562 F2d 13 Sandoval v. Aaron
562 F.2d 13
Eddie SANDOVAL, Petitioner-Appellant,
Ralph Lee AARON, Respondent-Appellee.
United States Court of Appeals,
Submitted June 3, 1977.
Decided June 20, 1977.
William W. Deaton, Jr., Federal Public Defender, David E. Booth, Asst. Federal Public Defender, Albuquerque, N. M., filed memorandum opposing summary affirmance on behalf of appellant.
Toney Anaya, Atty. Gen., Ralph W. Muxlow, II, Asst. Atty. Gen., Santa Fe, N. M., appeared on behalf of appellee.
Before SETH, Circuit Judge, PICKETT, Senior Circuit Judge, and BARRETT, Circuit Judge.
This is an appeal from an order of the United States District Court for the District of New Mexico denying habeas relief sought pursuant to 28 U.S.C. § 2254. We affirm for the reasons stated below.
Appellant, presently incarcerated in the New Mexico State Penitentiary, Santa Fe, New Mexico, was convicted in the District Court for the Second Judicial District, Bernadillo County, of trafficking in heroin. After exhausting available state remedies, appellant turned to the federal courts for relief, claiming that his Fourth Amendment rights were violated where probable cause was lacking for his arrest and for the search of his vehicle.
In Stone v. Powell, 428 U.S. 465, 96 S.Ct. 3037, 49 L.Ed.2d 1067 (1976), the Supreme Court held that where a state prisoner has been afforded a full and fair opportunity to litigate his Fourth Amendment claim, further review by way of habeas corpus in federal court is precluded.
Where an evidentiary hearing was held on appellant's motion to suppress, where appellant waived his right to trial by jury and his case was tried to the court on the basis of stipulated fact, and where appellant's Fourth Amendment claim was again considered on direct appeal and by the New Mexico Supreme Court, we hold that he has been afforded a full and fair opportunity to litigate his Fourth Amendment claim, and therefore, such claim may not be considered in habeas. Stone v. Powell, supra; Chavez v. Rodriguez, 540 F.2d 500 (10th Cir. 1976); Redford v. Smith, 543 F.2d 726 (10th Cir. 1976).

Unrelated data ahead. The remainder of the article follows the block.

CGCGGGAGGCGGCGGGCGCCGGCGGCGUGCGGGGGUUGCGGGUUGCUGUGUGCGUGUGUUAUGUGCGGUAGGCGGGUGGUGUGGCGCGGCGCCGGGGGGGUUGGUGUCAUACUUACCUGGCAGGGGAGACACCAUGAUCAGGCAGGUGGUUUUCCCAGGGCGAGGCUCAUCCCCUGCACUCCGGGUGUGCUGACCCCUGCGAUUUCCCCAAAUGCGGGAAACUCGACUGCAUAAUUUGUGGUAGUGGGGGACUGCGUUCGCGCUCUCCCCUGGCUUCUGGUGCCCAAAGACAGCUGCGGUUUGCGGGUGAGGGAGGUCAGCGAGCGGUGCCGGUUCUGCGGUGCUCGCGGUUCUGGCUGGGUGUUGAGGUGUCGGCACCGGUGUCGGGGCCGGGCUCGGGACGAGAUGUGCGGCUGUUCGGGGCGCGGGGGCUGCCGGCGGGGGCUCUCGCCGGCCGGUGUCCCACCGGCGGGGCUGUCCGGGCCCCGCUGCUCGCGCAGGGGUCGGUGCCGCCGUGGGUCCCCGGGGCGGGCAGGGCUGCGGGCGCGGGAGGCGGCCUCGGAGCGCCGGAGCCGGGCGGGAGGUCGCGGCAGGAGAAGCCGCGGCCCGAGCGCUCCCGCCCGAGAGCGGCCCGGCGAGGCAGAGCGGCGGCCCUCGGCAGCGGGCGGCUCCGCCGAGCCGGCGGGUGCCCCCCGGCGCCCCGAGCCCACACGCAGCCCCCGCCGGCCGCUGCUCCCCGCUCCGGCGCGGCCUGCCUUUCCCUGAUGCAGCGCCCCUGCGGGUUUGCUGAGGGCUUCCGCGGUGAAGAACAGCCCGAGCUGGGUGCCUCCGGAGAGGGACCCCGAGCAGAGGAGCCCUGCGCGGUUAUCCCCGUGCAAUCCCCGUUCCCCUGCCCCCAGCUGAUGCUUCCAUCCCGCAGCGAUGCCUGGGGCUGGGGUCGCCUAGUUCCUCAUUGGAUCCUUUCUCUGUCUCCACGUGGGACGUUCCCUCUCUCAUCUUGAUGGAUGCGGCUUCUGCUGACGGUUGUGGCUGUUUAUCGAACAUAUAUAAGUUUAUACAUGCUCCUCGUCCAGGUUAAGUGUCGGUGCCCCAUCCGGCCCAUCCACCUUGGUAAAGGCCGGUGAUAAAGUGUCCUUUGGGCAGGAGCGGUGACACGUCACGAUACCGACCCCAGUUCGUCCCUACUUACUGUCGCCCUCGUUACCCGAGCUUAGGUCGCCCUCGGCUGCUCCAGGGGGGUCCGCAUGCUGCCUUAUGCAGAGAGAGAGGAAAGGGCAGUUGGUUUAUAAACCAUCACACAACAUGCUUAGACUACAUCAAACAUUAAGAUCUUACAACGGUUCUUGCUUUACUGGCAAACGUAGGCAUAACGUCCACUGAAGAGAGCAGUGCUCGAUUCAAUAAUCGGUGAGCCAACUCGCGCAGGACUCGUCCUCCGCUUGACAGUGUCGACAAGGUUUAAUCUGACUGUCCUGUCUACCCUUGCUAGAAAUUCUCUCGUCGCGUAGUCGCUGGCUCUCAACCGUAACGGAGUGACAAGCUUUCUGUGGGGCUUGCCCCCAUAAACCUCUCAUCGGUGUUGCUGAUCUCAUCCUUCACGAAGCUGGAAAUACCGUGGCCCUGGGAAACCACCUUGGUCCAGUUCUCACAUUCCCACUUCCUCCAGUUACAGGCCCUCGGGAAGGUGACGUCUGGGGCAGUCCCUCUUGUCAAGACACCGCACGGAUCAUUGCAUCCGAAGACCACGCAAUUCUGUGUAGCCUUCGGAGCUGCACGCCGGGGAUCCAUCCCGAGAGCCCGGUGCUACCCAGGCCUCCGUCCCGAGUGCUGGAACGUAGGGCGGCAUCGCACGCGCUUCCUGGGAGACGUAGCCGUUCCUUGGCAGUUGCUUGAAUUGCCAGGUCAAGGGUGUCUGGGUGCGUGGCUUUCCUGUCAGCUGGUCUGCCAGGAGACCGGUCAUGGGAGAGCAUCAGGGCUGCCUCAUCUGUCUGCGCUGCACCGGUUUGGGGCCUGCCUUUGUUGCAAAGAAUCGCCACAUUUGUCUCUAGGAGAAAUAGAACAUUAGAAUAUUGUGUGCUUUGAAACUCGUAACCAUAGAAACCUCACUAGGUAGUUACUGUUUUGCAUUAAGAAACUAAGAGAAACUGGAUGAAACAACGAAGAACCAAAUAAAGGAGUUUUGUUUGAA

However, appellant argues that he did not receive a full and fair opportunity to litigate his Fourth Amendment claim where his motion for disclosure of the informant's identity was denied, where the determination of the informant's reliability was crucial to a finding of probable cause, and where the trial court had held an in camera hearing without presence of appellant or his counsel in order to determine whether disclosure of the informant's identity was necessary.
Insofar as this claim may be characterized as claiming a violation of appellant's Sixth Amendment right, we hold that no violation has taken place where appellant sought disclosure for purposes of challenging the informant's reliability and the existence of probable cause, and where the trial court in its discretion held the in camera hearing and determined that disclosure was not necessary for this purpose. See McCray v. Illinois, 386 U.S. 300, 87 S.Ct. 1056, 18 L.Ed.2d 62 (1967), rehearing denied 386 U.S. 1042, 87 S.Ct. 1474, 18 L.Ed.2d 616; United States v. Waters, 461 F.2d 248 (10th Cir. 1972), cert. denied 409 U.S. 880, 93 S.Ct. 207, 34 L.Ed.2d 134; United States v. Anderson, 509 F.2d 724 (9th Cir. 1975), cert. denied 420 U.S. 910, 95 S.Ct. 831, 42 L.Ed.2d 840. See also Roviaro v. United States, 353 U.S. 53, 77 S.Ct. 623, 1 L.Ed.2d 639 (1957), where the informer participated in the transactions charged.
Insofar as this claim may be characterized as "part and parcel" of the Fourth Amendment claim, the determination must be made as to whether, in the absence of disclosure of the informant's identity or of a hearing in the presence of appellant and his counsel, a full and fair opportunity to litigate his Fourth Amendment claim has been afforded appellant.
We hold that where the determination regarding disclosure was made in accordance with state law, where the procedure did not violate either the Sixth or Fourteenth Amendments, and therefore where appellant had no absolute right to disclosure of the informant's identity, the determination of non-disclosure at an in camera hearing does not alter our conclusion that a full and fair opportunity had been afforded appellant to litigate his Fourth Amendment claim.
Other claims raised by appellant are without merit.
When this case was docketed the parties were informed that the appeal would be decided on the basis of the original record without oral argument. The parties were invited to submit memoranda in support of their respective positions. Only appellant has done so. We have thoroughly reviewed the files and records in this case and are convinced that the district court correctly denied relief. Accordingly the judgment of the district court is affirmed.
The mandate shall issue forthwith.